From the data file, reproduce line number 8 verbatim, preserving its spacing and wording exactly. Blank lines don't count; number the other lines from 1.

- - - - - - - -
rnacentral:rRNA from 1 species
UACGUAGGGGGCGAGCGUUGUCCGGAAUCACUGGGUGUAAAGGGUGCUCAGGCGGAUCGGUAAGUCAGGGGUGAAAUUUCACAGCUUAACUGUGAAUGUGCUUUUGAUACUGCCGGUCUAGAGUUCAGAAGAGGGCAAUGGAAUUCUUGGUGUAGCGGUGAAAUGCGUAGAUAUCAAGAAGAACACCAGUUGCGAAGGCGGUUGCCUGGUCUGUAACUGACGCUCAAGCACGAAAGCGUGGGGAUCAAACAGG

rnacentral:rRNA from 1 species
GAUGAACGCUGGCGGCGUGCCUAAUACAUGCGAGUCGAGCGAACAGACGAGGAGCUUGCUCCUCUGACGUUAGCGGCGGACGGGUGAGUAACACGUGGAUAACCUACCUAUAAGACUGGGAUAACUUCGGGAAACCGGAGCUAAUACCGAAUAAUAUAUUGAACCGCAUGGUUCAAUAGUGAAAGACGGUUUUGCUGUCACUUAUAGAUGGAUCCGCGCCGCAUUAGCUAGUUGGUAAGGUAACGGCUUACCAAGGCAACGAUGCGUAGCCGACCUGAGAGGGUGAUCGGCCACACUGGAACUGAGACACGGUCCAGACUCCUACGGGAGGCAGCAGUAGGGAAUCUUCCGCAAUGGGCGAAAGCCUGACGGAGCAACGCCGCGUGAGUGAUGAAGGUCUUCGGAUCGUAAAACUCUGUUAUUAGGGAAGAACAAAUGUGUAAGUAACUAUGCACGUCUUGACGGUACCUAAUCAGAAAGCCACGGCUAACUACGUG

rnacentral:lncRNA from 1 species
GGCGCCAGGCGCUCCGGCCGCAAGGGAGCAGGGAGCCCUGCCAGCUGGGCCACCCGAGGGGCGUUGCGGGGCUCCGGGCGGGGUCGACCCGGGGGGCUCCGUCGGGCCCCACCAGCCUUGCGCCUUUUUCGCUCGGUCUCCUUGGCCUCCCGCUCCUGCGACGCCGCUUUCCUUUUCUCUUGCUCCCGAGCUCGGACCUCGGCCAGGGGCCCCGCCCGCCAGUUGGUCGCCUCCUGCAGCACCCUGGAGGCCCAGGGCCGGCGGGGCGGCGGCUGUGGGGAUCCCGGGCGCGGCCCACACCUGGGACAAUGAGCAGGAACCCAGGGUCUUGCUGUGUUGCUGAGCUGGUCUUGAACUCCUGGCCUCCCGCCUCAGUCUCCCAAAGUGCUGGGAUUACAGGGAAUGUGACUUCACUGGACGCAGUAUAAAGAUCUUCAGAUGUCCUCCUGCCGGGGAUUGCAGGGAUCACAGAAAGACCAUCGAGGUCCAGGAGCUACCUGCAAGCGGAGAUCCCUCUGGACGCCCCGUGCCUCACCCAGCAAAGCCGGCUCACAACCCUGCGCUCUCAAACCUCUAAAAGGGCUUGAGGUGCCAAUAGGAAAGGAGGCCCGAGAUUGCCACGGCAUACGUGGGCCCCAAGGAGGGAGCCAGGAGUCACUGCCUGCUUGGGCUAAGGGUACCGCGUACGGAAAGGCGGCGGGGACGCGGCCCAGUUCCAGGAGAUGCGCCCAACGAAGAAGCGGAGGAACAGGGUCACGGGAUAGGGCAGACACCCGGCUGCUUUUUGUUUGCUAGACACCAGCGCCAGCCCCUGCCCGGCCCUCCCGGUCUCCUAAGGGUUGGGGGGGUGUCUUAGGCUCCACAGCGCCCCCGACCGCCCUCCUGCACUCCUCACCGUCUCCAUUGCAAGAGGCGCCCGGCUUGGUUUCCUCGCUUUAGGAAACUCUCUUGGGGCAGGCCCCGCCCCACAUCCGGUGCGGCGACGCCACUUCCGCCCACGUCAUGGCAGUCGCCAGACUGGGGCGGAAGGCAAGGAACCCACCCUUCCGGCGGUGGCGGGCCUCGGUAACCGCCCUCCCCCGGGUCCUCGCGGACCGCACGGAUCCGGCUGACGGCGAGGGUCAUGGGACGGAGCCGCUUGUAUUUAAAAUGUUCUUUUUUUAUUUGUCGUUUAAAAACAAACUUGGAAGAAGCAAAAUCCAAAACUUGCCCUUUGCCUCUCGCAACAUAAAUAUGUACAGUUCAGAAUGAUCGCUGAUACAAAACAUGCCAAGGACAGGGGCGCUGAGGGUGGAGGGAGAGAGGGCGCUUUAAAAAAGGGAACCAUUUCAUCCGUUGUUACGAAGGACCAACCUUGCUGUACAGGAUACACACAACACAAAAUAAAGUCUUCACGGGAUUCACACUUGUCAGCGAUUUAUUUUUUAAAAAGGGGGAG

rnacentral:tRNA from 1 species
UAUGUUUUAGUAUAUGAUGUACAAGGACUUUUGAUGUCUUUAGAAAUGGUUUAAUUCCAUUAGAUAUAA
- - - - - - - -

UAUGUUUUAGUAUAUGAUGUACAAGGACUUUUGAUGUCUUUAGAAAUGGUUUAAUUCCAUUAGAUAUAA